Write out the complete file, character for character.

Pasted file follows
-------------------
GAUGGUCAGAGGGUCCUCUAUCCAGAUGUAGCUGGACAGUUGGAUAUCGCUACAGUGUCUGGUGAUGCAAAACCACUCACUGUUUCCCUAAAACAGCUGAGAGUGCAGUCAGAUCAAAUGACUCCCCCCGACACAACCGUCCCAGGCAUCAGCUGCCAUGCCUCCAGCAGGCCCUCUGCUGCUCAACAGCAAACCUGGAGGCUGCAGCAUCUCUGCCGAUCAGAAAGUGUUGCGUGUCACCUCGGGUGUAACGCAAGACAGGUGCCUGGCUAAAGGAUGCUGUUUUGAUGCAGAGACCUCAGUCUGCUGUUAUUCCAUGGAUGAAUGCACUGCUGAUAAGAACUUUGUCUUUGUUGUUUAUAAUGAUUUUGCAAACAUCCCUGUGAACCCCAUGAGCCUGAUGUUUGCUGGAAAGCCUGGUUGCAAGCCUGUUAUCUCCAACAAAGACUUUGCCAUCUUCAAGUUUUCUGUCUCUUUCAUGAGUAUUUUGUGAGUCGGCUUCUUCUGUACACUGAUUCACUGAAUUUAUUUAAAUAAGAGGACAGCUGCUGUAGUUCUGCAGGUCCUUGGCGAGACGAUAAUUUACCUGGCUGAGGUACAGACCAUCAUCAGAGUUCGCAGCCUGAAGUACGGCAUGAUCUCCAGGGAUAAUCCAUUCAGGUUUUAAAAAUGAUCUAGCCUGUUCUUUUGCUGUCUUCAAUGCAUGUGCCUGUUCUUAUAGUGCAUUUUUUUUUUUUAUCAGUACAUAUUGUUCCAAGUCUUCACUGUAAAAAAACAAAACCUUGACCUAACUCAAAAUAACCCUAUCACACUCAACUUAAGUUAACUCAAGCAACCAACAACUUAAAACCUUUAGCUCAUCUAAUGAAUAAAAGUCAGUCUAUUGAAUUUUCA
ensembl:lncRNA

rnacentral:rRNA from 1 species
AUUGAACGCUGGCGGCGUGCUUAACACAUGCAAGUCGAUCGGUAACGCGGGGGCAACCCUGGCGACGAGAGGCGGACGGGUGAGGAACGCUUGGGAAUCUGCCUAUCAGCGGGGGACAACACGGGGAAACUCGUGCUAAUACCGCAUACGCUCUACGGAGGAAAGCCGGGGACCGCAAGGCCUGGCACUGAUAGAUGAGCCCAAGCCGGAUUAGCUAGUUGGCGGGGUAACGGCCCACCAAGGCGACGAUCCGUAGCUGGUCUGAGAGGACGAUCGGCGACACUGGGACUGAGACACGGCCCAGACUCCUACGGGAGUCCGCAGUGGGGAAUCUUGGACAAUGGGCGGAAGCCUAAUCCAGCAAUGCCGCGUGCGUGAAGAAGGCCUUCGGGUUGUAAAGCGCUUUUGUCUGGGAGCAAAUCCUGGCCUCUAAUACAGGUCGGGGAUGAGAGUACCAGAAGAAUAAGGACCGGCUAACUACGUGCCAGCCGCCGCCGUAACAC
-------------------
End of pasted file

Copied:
GAUGGUCAGAGGGUCCUCUAUCCAGAUGUAGCUGGACAGUUGGAUAUCGCUACAGUGUCUGGUGAUGCAAAACCACUCACUGUUUCCCUAAAACAGCUGAGAGUGCAGUCAGAUCAAAUGACUCCCCCCGACACAACCGUCCCAGGCAUCAGCUGCCAUGCCUCCAGCAGGCCCUCUGCUGCUCAACAGCAAACCUGGAGGCUGCAGCAUCUCUGCCGAUCAGAAAGUGUUGCGUGUCACCUCGGGUGUAACGCAAGACAGGUGCCUGGCUAAAGGAUGCUGUUUUGAUGCAGAGACCUCAGUCUGCUGUUAUUCCAUGGAUGAAUGCACUGCUGAUAAGAACUUUGUCUUUGUUGUUUAUAAUGAUUUUGCAAACAUCCCUGUGAACCCCAUGAGCCUGAUGUUUGCUGGAAAGCCUGGUUGCAAGCCUGUUAUCUCCAACAAAGACUUUGCCAUCUUCAAGUUUUCUGUCUCUUUCAUGAGUAUUUUGUGAGUCGGCUUCUUCUGUACACUGAUUCACUGAAUUUAUUUAAAUAAGAGGACAGCUGCUGUAGUUCUGCAGGUCCUUGGCGAGACGAUAAUUUACCUGGCUGAGGUACAGACCAUCAUCAGAGUUCGCAGCCUGAAGUACGGCAUGAUCUCCAGGGAUAAUCCAUUCAGGUUUUAAAAAUGAUCUAGCCUGUUCUUUUGCUGUCUUCAAUGCAUGUGCCUGUUCUUAUAGUGCAUUUUUUUUUUUUAUCAGUACAUAUUGUUCCAAGUCUUCACUGUAAAAAAACAAAACCUUGACCUAACUCAAAAUAACCCUAUCACACUCAACUUAAGUUAACUCAAGCAACCAACAACUUAAAACCUUUAGCUCAUCUAAUGAAUAAAAGUCAGUCUAUUGAAUUUUCA
ensembl:lncRNA

rnacentral:rRNA from 1 species
AUUGAACGCUGGCGGCGUGCUUAACACAUGCAAGUCGAUCGGUAACGCGGGGGCAACCCUGGCGACGAGAGGCGGACGGGUGAGGAACGCUUGGGAAUCUGCCUAUCAGCGGGGGACAACACGGGGAAACUCGUGCUAAUACCGCAUACGCUCUACGGAGGAAAGCCGGGGACCGCAAGGCCUGGCACUGAUAGAUGAGCCCAAGCCGGAUUAGCUAGUUGGCGGGGUAACGGCCCACCAAGGCGACGAUCCGUAGCUGGUCUGAGAGGACGAUCGGCGACACUGGGACUGAGACACGGCCCAGACUCCUACGGGAGUCCGCAGUGGGGAAUCUUGGACAAUGGGCGGAAGCCUAAUCCAGCAAUGCCGCGUGCGUGAAGAAGGCCUUCGGGUUGUAAAGCGCUUUUGUCUGGGAGCAAAUCCUGGCCUCUAAUACAGGUCGGGGAUGAGAGUACCAGAAGAAUAAGGACCGGCUAACUACGUGCCAGCCGCCGCCGUAACAC